Wave of violence in Germany over party’s use of anti-Muslim cartoons

Pro NRW party's Lars Seidensticker with a placard saying 'Freedom instead of Islam' Picture: Getty Images
Pro NRW party's Lars Seidensticker with a placard saying 'Freedom instead of Islam' Picture: Getty Images
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GERMANY is beginning to regret its decision to allow a far-right political party to display anti-Muslim cartoons near mosques as part of an electioneering campaign.

Spikes in violence at recent gatherings – including a major riot on Saturday that left two police officers seriously injured with stab wounds – have triggered fears of more bloodshed.

Courts in Germany took the view that cartoon images of the Prophet Mohammed and Allah – both outlawed under Islam – were acceptable in a country where freedom of expression is enshrined in the constitution. But with resistance growing to the tactics of the radical Pro NRW party, Germany is looking to defuse tensions.

More than 100 people were arrested at the protest in Bonn on Saturday where the police officers were stabbed in the legs; a further 27 officers were injured. One man has been charged with trying to incite the deaths of three policemen among the crowd of 600 Salafist Muslim demonstrators outside the King Fahd Academy in Bonn.

The far-right Pro NRW party has said it intends to send activists to 25 mosques in the run-up to the state election in North Rhine-Westphalia on 13 May, staging protests in Cologne, Bonn, Düsseldorf, Aachen, Wuppertal and Solingen.

Last week, a state court lifted a prior ban on the group using Mohammed caricatures in its election campaign, despite criticism that the images were purely being used for provocation. Also last week, 81 people were arrested in Solingen after violence broke out during a protest of Salafist Muslims against Pro NRW. The group had set up a stand showing cartoons of Mohammed outside a mosque.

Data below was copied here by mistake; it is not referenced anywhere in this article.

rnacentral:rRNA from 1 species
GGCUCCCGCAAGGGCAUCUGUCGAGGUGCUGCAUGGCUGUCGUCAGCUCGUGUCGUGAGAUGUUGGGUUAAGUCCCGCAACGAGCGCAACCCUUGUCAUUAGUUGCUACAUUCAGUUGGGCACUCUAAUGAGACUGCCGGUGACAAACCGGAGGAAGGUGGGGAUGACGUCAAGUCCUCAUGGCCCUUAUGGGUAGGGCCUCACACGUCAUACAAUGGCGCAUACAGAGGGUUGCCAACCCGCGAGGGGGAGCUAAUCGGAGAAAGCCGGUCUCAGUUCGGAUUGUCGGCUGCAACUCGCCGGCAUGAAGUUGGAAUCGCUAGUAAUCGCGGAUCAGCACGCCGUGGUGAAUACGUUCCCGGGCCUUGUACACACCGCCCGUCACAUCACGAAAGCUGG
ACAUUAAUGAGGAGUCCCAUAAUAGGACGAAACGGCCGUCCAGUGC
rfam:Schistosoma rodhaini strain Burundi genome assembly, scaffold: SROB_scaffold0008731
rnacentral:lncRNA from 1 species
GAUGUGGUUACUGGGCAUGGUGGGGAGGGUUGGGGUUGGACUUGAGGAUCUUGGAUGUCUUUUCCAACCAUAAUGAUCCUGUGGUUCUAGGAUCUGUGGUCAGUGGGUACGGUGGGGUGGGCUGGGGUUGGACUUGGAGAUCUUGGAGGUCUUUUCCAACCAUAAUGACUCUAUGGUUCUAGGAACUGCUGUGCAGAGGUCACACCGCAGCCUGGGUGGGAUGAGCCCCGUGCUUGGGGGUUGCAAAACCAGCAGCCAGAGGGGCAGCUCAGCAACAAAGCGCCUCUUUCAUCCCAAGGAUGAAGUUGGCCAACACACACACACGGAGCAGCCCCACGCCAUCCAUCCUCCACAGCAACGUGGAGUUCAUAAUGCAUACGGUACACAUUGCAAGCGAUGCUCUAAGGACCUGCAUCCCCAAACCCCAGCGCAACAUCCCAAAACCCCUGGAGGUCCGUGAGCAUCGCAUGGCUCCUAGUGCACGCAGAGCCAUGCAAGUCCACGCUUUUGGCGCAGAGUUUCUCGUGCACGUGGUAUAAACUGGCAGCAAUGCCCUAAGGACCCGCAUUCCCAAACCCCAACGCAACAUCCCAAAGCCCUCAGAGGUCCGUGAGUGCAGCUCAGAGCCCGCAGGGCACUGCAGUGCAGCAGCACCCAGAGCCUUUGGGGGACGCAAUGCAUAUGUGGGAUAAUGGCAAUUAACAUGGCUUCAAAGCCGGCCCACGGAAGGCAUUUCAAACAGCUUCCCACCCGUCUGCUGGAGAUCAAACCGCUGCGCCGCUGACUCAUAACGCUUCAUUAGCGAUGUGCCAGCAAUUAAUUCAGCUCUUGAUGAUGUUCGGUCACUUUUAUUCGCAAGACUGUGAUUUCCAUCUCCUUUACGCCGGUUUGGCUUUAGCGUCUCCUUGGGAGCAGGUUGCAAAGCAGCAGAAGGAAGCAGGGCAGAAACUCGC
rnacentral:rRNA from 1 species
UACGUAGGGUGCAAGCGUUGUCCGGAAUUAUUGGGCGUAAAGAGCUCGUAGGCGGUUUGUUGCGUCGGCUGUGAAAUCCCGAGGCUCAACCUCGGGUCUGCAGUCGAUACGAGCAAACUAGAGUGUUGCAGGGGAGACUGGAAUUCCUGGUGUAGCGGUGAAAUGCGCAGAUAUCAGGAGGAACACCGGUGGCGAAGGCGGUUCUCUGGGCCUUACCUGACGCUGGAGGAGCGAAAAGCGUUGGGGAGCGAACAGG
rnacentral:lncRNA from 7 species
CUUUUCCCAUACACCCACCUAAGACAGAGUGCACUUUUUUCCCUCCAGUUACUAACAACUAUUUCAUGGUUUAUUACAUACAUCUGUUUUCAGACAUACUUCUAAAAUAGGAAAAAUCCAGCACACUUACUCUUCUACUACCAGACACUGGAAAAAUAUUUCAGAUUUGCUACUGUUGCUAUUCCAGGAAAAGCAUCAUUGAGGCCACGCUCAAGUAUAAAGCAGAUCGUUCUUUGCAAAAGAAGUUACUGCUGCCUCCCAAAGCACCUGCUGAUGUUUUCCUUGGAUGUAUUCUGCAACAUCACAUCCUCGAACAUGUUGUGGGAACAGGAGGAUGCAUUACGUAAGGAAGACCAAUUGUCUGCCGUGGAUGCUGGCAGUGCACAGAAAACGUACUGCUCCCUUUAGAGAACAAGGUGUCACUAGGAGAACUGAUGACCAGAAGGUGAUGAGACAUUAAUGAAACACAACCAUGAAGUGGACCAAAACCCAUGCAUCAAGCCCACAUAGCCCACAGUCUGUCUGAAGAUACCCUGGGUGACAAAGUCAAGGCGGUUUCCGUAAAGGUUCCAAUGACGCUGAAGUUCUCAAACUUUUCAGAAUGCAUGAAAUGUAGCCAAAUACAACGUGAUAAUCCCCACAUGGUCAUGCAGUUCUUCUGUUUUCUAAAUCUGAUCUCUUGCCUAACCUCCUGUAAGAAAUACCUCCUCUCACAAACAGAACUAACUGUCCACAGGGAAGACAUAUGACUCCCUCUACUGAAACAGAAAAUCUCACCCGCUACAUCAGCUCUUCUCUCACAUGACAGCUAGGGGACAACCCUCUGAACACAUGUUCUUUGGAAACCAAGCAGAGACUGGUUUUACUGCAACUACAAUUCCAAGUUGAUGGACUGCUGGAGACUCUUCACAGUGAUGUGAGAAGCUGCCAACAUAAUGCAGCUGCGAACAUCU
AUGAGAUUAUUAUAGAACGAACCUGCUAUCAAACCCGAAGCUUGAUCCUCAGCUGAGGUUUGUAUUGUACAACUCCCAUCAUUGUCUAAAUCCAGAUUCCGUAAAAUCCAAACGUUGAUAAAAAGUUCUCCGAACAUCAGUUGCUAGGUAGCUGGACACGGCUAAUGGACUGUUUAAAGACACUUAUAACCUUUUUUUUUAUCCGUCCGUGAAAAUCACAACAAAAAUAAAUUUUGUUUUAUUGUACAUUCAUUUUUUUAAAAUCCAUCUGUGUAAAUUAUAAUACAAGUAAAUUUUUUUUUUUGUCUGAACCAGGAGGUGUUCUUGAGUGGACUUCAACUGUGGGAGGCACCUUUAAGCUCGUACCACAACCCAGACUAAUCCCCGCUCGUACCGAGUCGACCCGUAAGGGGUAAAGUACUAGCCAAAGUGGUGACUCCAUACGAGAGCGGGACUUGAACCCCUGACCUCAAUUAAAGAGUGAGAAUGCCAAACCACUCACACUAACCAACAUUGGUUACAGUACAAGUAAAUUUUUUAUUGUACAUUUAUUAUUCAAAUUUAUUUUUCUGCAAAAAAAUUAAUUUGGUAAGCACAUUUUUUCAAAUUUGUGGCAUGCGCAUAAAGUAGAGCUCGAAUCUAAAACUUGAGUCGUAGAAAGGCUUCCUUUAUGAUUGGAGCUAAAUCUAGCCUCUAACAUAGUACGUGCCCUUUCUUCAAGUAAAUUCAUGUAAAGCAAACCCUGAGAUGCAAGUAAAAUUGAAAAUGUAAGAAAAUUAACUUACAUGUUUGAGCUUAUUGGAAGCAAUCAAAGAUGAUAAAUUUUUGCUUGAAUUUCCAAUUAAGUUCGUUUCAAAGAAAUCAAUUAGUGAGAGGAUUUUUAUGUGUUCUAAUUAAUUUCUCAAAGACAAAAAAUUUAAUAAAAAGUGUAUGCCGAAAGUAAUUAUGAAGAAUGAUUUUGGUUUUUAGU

German interior minister Hans-Peter Friedrich of the Christian Socialist Union (CSU), said he had been in touch with state officials in the past week, hoping to find a way to defuse the situation. He put the blame for the violence firmly on the shoulders of the Muslims.

“Salafism’s fanatical members represent a special danger to German security,” he said this week. “The Salafists deliver the ideological basis for many who then become violent.”

Critics say the violence would never had happened if Germany had treated the cartoons they brandish the way it treats Nazi symbols – with a blanket ban.

North Rhine-Westphalia interior minister Ralf Jäger said he recognised the hatreds stirred up by the Pro NRW supporters, calling their cartoon campaign “targeted provocation”.

Pro NRW, which has 250 members, has said it is also planning to award a cash prize for the “best” anti-Islamic caricature. Party campaign manager Lars Seidensticker says he did not understand the outrage, and says his party would bear no responsibility for any violence.

“If the situation is so tense that you can’t do a campaign like this against Islamist influences any more, then the politicians are responsible for doing away with Germany,” he said, alluding to a 2010 book by banker Thilo Sarrazin called Germany Does Away with Itself, which criticised Islamic immigrants in Germany.

He added: “Mosques are potential centres of a new civil war that we have to prevent. That’s why we have to pull out the Islamist evil by its roots.”